Frankly, we don't know whether the 2250 is coming from the federal credit or ZEV credits. For all we know the few extra thousand that California dealers are taking off of msrp vs other states is being reimbursed by GM on the backend from the ZEV credits. The point I was trying to make though was that the residual price is already factoring in that credit since the used market won't be restricted by residency of the buyer. I agree with you and wouldn't have different residuals by state. I don't even see how that would work because of interstate commerce in the used market. you were saying that the current residual is based only on the main discount and I disagree. All of the discounts being offered by GM will have an effect on what the car is worth 3 years from now. Especially since most of the sales are happening in the carb states.

The government provided grants and tax benefits to car manufacturers to develop evs and battery tech. Just to be clear I support what the government did with those programs but the purpose of the 7500 credit is to move product and GM is holding back here and I don't think it's a defensible position by the company. Technically there has been no public explanation so we've all had to speculate on the reason why, but I respect that some here have a different opinion on the matter.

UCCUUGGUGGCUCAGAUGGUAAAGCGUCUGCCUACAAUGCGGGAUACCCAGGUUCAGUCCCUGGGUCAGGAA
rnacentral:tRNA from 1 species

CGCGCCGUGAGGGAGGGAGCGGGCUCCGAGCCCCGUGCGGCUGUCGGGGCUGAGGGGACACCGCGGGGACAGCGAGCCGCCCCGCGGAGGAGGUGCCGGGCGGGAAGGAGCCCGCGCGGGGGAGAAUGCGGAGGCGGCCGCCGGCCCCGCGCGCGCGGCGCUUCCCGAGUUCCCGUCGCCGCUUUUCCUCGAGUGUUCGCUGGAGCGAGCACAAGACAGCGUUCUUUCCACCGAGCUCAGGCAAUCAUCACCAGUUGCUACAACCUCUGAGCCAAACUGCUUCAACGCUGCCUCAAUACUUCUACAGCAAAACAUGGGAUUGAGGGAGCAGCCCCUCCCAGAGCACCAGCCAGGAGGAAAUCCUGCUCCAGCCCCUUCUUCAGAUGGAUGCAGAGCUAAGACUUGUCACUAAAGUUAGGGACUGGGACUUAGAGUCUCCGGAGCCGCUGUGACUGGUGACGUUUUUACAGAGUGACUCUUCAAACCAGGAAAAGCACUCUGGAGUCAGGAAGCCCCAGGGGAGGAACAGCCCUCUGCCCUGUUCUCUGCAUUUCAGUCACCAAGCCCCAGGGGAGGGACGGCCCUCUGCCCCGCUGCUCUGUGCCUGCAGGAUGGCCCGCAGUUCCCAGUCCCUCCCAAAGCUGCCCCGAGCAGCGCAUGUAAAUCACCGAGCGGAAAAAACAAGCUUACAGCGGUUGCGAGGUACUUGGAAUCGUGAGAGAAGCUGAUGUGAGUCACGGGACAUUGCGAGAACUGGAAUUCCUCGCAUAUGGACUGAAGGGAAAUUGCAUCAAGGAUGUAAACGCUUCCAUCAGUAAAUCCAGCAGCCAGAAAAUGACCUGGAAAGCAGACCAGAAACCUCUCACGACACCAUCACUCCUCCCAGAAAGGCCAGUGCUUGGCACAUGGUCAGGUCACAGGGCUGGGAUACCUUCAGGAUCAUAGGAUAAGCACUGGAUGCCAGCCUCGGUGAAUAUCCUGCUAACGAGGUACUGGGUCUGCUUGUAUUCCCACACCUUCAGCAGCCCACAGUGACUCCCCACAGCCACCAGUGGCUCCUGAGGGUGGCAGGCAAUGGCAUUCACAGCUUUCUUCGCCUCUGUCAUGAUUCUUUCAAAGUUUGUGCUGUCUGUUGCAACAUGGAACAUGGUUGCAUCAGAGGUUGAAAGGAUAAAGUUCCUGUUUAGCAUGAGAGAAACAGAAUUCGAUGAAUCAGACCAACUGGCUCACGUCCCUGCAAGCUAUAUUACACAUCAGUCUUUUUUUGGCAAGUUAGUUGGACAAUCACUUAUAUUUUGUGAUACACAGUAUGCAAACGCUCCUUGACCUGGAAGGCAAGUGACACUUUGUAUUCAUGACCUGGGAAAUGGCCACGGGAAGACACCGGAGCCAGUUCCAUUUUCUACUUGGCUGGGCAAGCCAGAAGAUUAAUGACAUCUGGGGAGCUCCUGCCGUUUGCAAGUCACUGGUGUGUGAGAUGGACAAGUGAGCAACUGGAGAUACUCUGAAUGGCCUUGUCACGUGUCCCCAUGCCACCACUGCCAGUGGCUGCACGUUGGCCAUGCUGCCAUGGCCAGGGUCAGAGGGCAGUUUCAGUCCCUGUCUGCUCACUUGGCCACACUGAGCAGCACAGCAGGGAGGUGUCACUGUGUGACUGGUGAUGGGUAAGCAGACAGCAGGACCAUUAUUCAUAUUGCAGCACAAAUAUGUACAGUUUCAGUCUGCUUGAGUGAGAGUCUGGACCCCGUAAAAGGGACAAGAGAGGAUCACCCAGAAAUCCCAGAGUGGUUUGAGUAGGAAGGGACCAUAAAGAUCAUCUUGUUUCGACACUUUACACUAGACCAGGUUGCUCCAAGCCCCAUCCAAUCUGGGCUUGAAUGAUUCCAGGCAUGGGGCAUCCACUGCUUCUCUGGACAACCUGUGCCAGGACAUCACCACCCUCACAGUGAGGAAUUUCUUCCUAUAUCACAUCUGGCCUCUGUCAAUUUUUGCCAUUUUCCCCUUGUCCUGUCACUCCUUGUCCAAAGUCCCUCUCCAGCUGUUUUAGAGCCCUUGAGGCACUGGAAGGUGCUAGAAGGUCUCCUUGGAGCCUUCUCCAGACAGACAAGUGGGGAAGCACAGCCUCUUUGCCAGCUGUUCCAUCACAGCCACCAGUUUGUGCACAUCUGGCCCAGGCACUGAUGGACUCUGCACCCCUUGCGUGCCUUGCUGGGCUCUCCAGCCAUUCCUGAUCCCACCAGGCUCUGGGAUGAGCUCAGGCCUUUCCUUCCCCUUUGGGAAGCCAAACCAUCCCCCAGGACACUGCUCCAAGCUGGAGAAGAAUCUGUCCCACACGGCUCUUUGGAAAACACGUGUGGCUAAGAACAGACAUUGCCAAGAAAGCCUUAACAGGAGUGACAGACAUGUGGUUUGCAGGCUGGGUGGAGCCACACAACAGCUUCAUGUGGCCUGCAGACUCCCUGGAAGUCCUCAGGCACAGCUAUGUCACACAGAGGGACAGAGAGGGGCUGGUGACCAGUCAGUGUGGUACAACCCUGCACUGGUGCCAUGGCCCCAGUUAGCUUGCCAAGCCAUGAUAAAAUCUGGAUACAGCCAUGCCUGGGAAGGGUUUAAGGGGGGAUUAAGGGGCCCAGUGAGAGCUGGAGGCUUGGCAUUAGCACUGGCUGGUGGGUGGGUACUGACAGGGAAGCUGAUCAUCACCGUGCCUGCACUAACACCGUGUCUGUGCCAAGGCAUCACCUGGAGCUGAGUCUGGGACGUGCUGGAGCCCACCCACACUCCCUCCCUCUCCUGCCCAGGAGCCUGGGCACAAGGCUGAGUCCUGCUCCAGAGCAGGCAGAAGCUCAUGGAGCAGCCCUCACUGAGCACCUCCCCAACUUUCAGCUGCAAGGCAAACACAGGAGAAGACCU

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The "fairest" way is you getting the residual mount of the tax credits...52% residual should mean you get 52% of the tax credit...I consider it a gift they usually give us around the full amount...But this car is not in demand, it's not "sellers market" it's a buyers market and GM most likely wants to gain as many ZEV credits as possible for 2016. Each Volt counts as 2 ZEV credits but the Bolt EV will get 7 (or possibly 8 depending on the EPA range) but that's only until 2018 when credits get capped...Expect GM to greatly promote the Bolt EV once it's available...